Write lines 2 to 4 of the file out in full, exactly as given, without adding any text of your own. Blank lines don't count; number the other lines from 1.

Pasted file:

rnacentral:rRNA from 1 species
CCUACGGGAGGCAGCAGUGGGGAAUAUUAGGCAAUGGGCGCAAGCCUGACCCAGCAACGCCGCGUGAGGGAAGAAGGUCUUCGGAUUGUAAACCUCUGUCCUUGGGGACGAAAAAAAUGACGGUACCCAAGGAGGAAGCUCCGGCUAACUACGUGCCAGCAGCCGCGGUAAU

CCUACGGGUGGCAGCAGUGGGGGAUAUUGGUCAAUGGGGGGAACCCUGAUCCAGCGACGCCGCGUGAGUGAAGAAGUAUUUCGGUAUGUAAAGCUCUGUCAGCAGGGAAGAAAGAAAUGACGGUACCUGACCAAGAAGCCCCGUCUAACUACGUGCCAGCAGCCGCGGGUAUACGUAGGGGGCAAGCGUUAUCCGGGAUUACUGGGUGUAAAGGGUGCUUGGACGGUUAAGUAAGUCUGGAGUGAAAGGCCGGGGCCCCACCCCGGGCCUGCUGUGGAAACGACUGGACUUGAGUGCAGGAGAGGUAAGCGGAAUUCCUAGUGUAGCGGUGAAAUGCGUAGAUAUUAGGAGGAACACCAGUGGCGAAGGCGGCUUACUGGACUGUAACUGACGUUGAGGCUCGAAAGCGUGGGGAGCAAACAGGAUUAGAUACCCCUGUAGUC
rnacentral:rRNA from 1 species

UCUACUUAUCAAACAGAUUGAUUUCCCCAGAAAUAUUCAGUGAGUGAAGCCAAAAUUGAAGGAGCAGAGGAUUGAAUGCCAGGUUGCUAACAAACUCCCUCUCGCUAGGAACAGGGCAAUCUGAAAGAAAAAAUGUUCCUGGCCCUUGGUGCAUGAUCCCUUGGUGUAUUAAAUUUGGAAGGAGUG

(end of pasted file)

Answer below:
CCUACGGGAGGCAGCAGUGGGGAAUAUUAGGCAAUGGGCGCAAGCCUGACCCAGCAACGCCGCGUGAGGGAAGAAGGUCUUCGGAUUGUAAACCUCUGUCCUUGGGGACGAAAAAAAUGACGGUACCCAAGGAGGAAGCUCCGGCUAACUACGUGCCAGCAGCCGCGGUAAU

CCUACGGGUGGCAGCAGUGGGGGAUAUUGGUCAAUGGGGGGAACCCUGAUCCAGCGACGCCGCGUGAGUGAAGAAGUAUUUCGGUAUGUAAAGCUCUGUCAGCAGGGAAGAAAGAAAUGACGGUACCUGACCAAGAAGCCCCGUCUAACUACGUGCCAGCAGCCGCGGGUAUACGUAGGGGGCAAGCGUUAUCCGGGAUUACUGGGUGUAAAGGGUGCUUGGACGGUUAAGUAAGUCUGGAGUGAAAGGCCGGGGCCCCACCCCGGGCCUGCUGUGGAAACGACUGGACUUGAGUGCAGGAGAGGUAAGCGGAAUUCCUAGUGUAGCGGUGAAAUGCGUAGAUAUUAGGAGGAACACCAGUGGCGAAGGCGGCUUACUGGACUGUAACUGACGUUGAGGCUCGAAAGCGUGGGGAGCAAACAGGAUUAGAUACCCCUGUAGUC
rnacentral:rRNA from 1 species